has done innovative research into the mind-body connection. Her
research has shown that there are numerous lines of communication
between the brain and the body in addition to synaptic nerve connections.
Peptides, including hormones, neuro-transmitters, neuro-modulators,
growth factors, gut peptides, cytokines and chemokines, are informational
substances distributing information throughout the organism. They
are found in the body organs and systems as well as in the brain,
and are also the basis of emotions, behaviours and memory.
Mastery and Control of One's Life
The other facility for enabling people to lead
secure and fulfilling lives is the matter of control. Professor
Michael Marmot did the famous Whitehall study, in which he looked
for the reasons for illness in a relatively stable population of
civil servants. He found that there was a definite gradient of morbidity
based on the position of the individual civil servant within the
hierarchy. This gradient was associated with stress indicators such
as serum fibrinogen, serum cholesterol, hypertrophy of the heart,
obesity and diabetes. It was also related to factors such as lifestyle,
and support of family and friends. However, beyond all of this was
an extra factor, making up around 60% of the morbidity, which could
not be identified. The statistical information was complete when
the missing X factor was found to be the degree of control the employees
felt they had in their work situation. In fact, the civil servants
on level 2 hierarchy were twice as likely to suffer from a life
threatening disease than those on level 1; level 1 being the top
level. Marmot therefore has defined a new factor in the incidence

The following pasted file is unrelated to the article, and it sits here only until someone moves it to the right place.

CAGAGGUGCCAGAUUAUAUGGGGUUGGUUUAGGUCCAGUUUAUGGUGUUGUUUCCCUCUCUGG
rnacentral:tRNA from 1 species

of stress in adults as being control of destiny.
What this means is that if people have a sense
of mastery in their lives, and the commitment to their job, without
feeling imposed upon, enforced or restricted by their superiors,
they are much more likely to be successful and healthy.
Repressive institutions and bureaucracies that label people as numbers,
rather than as human beings, and force people into moulds and do
not allow them to express their individuality, destroy the creative
ability of a workforce and the economic success of a nation.
Social Determinants of Health
Professor Marmot produced ten social determinants
of health for the World Health Organisation, which are:
Social and economic circumstances strongly effect health throughout
Stress harms health.
The effects of early development in the neo-natal period and infancy
last a lifetime.
Social exclusion creates suffering and morbidity.
Stress in the workplace increases the risk of disease
Job security increases health, well-being and job satisfaction.
Unemployment is deleterious to health.
Social support, friendship, good social relations and strong supportive
networks improve health at home, work and in the community.
Addiction to drugs and alcohol is influenced by social determinants.
Nutrition is a key determinant of health.
Transport through the use of walking and exercise in a sustainable
The Problem of Stress
The incidence of stress in our society is rising,
and scientists in general, and doctors in particular, do not understand
the effect the mind can have on reducing and controlling stress.
They do not understand the significance of early childhood rearing,
and the fact that the pointers to a person's destiny are found within
the way they are reared in the first twelve months of life. These
pointers are not only to educational attainment, but also to delinquency,
criminality and morbidity.
The problem of stress is further compromised by
the stresses that occur within the context of society, as previously
discussed, particularly in the work situation. If people are forced
to work in situations which are controlling and restrictive, and
in which they are not allowed to contribute to decisions and management,
they will get sick!
A Substantially New Manner of Thinking- The Software
of Genes and Creativity
The future of our planet lies not so much in hardware,
but in software, particularly in genius and creativity, and that
requires new kinds of individuals who are open and cosmopolitan
in nature. Albert Einstein said, "If humankind is to survive,
there has to be a substantially new manner of thinking." A
more rounded culture seeks to unlock the powers of the mind and
the brain in order for people to speak from their hearts.
Unfortunately, the figures at the moment do not show that this is